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    1. I totally understand your point of view, Eileen! For me, I'd rather my kids play with something that is biodegradable and creates no waste than another thing made of plastic or the like. And I also love that these beans will last us for years. But each person will need to decide what they are and aren't comfortable with! :)

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    2. There are many other eco-friendly ways to play without wasting food. Do you realize food wastage, water-shortage, starvation and malnutrition are global issues people in other parts of the world face everyday?

      Please learn to cherish food because not everyone has a chance to even see so many beans in their entire life.

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    3. Agreed these are major problems. However, as a side note, in many of these countries corruption is huge part of the problem, with everyone from government officials to the person distributing government subsidized rations lining their pockets with bribes and cheating wher they can. We live in the third world and see this firsthand. Everyone will have to wrestle with this one themselves, but i just want to point out that so much of this is institutional and societal corruption. One way to get past it with beans is to skip coloring them. Let the kids play with beans on an old bed sheet and then reuse them--rinse well and cook. We play with whatever batch of beans we have in the pantry at the time.

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    4. would it be possible to cook and eat those multicolored beans? That'd be a cool way to make some kids eat beans

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    5. Also I wanted to tell you that I live in a third world nation and teachers make little bean bags for sensory play in preschool. You can use food for not eating purposes as long as you DO have a purpose and you're not wasting great amounts of food, and it also helps if it's cheap. You're not gonna use caviar for sensory play.

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    6. I'm sure you could cook and eat the beans, though I'm not sure that the food coloring would be so good to ingest. I'm also not sure how much would boil off as they cooked. If the color stuck around it would be super pretty though! And that's very helpful to hear - I like having my kids play with natural items over manmade plastics, etc, and we still have these beans years later. We definitely mean no offense to those who don't have enough to eat.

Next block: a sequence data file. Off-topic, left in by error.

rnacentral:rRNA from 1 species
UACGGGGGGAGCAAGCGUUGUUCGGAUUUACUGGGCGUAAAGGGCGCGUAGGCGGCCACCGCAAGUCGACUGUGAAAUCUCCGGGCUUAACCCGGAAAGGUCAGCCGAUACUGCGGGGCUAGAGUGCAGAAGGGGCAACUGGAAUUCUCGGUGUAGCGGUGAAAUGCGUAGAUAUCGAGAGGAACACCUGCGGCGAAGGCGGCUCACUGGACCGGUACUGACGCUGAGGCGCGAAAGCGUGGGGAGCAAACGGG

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  16. So wonderful. I loved reading this and the pictures are so stunning. Can't wait to try it myself. :)

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  17. How have I not commented on this yet?! The beans are gorgeous, and I'm so happy to have my colorful corn kernels somehow involved in one of your fun ideas!!! :) Can't wait to try the colorful beans out myself! :)

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    1. Thank you, Mary Catherine!!!! I'm so glad I have a fellow dye-ing partner in crime! :)

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  18. What a lovely blog! I can't wait to try this with my grandson! Thank you!

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    1. Thank you so much, Glenys!!! :) I hope you both enjoy it as much as we do. :)

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  19. that's so strange, I tried to dye beans with food colouring on the weekend and was so excited how they look, but it's be 4 days and the dye still comes off on dry hands. Wish I knew why because this is a great idea. Thankfully the kids still really love playing with the plain beans! Maybe I should try a different kind of beans? Do some have a wax coating maybe or something?

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    1. Hmmm, very interesting! I don't know - it's possible that they might? Ours are totally fine and we've used them a bunch over the past few months and never had trouble. What kind of beans were they? What brand of food coloring? I'm not sure if either would have an effect, but possibly it's one of those? So sorry it didn't work!!!!

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    2. Could you let me know which food coloring you used for your beans?

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    3. I used a combination of regular McCormick food coloring (red, yellow, green, blue) and the Neon Food Coloring from McCormick. :)

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    4. I have the same problem with the food coloring still coming off after drying for 4 days��

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    5. So strange! What brand/kind of food coloring did you use? If there's a brand that's not working, I can note it in the post. So sorry it didn't work for you!!! :(

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    6. I used Adams Extract because that was the only one that was in stock when I was at the store.

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    7. I wonder if that's the culprit? I can't find the ingredient list, but I'm thinking there might be different ingredients from the other 3 brands we tested. Argh! I'm so sorry!!! :(